Jean Piaget's Theories On Cognitive Development

1591 Words 7 Pages
Imagine, growing up in the late 1800’s; witnessing the forefront of both science and psychology. Although, life seems different back then it was in fact similar to current events today. Scientists of this exciting era were continually making new discoveries, and constructing theories. Without the discoveries of scientists in the beginning of psychology, our world would today would be immensely different. Notably, throughout history many individuals have made amazing contributions to the field of psychology. This paper will study one of those amazing individuals, scientist, Jean Piaget; and his theories on the cognitive development stages.
Jean Piaget was born August 9th, 1896 in Neuchâtel (Switzerland). The oldest child of Arthur Piaget,
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His studies on cognitive development led to several different theories, his observations first begun with his own children, observing their behavior as infants and then their physical changes as they grew (Whitman, A). Piaget determined children develop through distinctive phases which allow them to gain skills and behavior, these phases are expressed through four different stages. Sensorimotor stage age 0-2 years, preoperational stage 2-7 years, concrete operational stage 7-11 years, and formal operational stage 11- beyond years. Each stage refers to a specific age range, that involves achievements in order to progress to the next stage. He argued that cognitive development controlled every other aspect of emotional, social, and moral development (London 1988). Piaget was a pioneer in this field of psychology, his works are still being studied today long after his death in 1980. Piaget’s works give a lot of understanding about the cognitive development. Since Piaget was a pioneer in his field, he wasn’t challenged by other views until much later. Erik Erikson developed a psychosocial development theory that focuses on the entire development in life, rather than just adolescence (Spencer, R). While the two theories are similar in some ways, in other ways they are vastly different. Piaget and Erikson are still compared today …show more content…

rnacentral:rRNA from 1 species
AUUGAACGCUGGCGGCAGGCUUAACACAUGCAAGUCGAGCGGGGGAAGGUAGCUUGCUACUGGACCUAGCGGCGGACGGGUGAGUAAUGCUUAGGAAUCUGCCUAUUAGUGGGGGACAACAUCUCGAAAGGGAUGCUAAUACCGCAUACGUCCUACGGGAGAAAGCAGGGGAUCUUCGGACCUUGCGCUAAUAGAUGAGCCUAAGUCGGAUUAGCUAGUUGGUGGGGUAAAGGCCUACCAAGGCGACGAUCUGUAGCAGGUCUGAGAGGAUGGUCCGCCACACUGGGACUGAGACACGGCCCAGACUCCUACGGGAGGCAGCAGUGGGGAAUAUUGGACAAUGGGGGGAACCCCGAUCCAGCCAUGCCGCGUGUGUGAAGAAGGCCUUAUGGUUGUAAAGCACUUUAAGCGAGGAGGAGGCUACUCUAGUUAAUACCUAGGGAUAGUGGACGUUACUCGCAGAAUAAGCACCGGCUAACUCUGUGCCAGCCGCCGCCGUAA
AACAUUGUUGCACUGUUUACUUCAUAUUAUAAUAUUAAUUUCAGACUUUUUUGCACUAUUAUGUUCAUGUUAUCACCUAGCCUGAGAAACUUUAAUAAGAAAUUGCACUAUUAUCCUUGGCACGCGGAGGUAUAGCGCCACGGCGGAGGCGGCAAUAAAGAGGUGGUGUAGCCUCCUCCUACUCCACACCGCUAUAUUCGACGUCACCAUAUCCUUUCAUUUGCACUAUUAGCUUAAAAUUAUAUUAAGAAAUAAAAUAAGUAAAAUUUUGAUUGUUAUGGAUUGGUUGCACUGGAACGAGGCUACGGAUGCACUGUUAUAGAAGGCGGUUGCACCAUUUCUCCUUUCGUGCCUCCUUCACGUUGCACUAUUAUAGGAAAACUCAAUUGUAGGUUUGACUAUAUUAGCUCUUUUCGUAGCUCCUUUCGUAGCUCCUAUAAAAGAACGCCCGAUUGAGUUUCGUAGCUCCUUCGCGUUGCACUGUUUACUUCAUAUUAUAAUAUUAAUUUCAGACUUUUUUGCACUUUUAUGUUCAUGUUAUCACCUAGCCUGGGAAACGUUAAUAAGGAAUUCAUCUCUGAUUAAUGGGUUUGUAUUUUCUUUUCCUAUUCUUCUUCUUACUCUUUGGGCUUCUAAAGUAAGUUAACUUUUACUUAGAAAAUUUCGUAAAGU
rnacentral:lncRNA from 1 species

During this stage children typically use problem solving skills to perform tasks that require logic. During this stage the child is considered to be less egocentric, unlike the previous stages; the child is able to function without craving as much attention. The concrete operations involves children being able to classify and understand cause and effect relationships, as well as being able to become proficient in mathematics and science (Eggen, P). Finally, the last stage is the formal operations stage; this is from eleven on to adulthood. As adolescents enter this stage they form the ability to think abstractly, in order to think and determine things by a higher power of reasoning (McLeod, S.A). Furthermore, thinking becomes less tied to the child’s reality they are able to think about things without actually experiencing

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